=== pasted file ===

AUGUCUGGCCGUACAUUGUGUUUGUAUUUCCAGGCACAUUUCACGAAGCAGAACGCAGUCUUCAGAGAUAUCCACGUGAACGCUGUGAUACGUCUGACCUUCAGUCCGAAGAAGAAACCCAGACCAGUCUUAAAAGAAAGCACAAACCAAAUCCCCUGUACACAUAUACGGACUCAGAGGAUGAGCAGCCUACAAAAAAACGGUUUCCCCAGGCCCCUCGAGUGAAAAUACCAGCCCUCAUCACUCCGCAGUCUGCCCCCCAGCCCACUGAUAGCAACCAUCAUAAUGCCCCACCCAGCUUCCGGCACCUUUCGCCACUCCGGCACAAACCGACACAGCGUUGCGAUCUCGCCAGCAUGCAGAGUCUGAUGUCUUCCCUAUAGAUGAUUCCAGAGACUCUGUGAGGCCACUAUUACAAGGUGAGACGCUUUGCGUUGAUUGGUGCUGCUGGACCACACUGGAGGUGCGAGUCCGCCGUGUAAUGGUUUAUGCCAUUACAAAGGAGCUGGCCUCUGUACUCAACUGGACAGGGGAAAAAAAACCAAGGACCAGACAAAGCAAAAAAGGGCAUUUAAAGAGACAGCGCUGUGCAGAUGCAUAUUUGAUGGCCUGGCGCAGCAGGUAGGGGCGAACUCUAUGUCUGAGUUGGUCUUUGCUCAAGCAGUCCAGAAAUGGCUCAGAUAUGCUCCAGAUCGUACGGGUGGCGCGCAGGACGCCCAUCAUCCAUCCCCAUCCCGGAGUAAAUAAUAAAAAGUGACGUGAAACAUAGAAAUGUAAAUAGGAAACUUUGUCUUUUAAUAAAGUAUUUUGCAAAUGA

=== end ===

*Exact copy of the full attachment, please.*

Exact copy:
AUGUCUGGCCGUACAUUGUGUUUGUAUUUCCAGGCACAUUUCACGAAGCAGAACGCAGUCUUCAGAGAUAUCCACGUGAACGCUGUGAUACGUCUGACCUUCAGUCCGAAGAAGAAACCCAGACCAGUCUUAAAAGAAAGCACAAACCAAAUCCCCUGUACACAUAUACGGACUCAGAGGAUGAGCAGCCUACAAAAAAACGGUUUCCCCAGGCCCCUCGAGUGAAAAUACCAGCCCUCAUCACUCCGCAGUCUGCCCCCCAGCCCACUGAUAGCAACCAUCAUAAUGCCCCACCCAGCUUCCGGCACCUUUCGCCACUCCGGCACAAACCGACACAGCGUUGCGAUCUCGCCAGCAUGCAGAGUCUGAUGUCUUCCCUAUAGAUGAUUCCAGAGACUCUGUGAGGCCACUAUUACAAGGUGAGACGCUUUGCGUUGAUUGGUGCUGCUGGACCACACUGGAGGUGCGAGUCCGCCGUGUAAUGGUUUAUGCCAUUACAAAGGAGCUGGCCUCUGUACUCAACUGGACAGGGGAAAAAAAACCAAGGACCAGACAAAGCAAAAAAGGGCAUUUAAAGAGACAGCGCUGUGCAGAUGCAUAUUUGAUGGCCUGGCGCAGCAGGUAGGGGCGAACUCUAUGUCUGAGUUGGUCUUUGCUCAAGCAGUCCAGAAAUGGCUCAGAUAUGCUCCAGAUCGUACGGGUGGCGCGCAGGACGCCCAUCAUCCAUCCCCAUCCCGGAGUAAAUAAUAAAAAGUGACGUGAAACAUAGAAAUGUAAAUAGGAAACUUUGUCUUUUAAUAAAGUAUUUUGCAAAUGA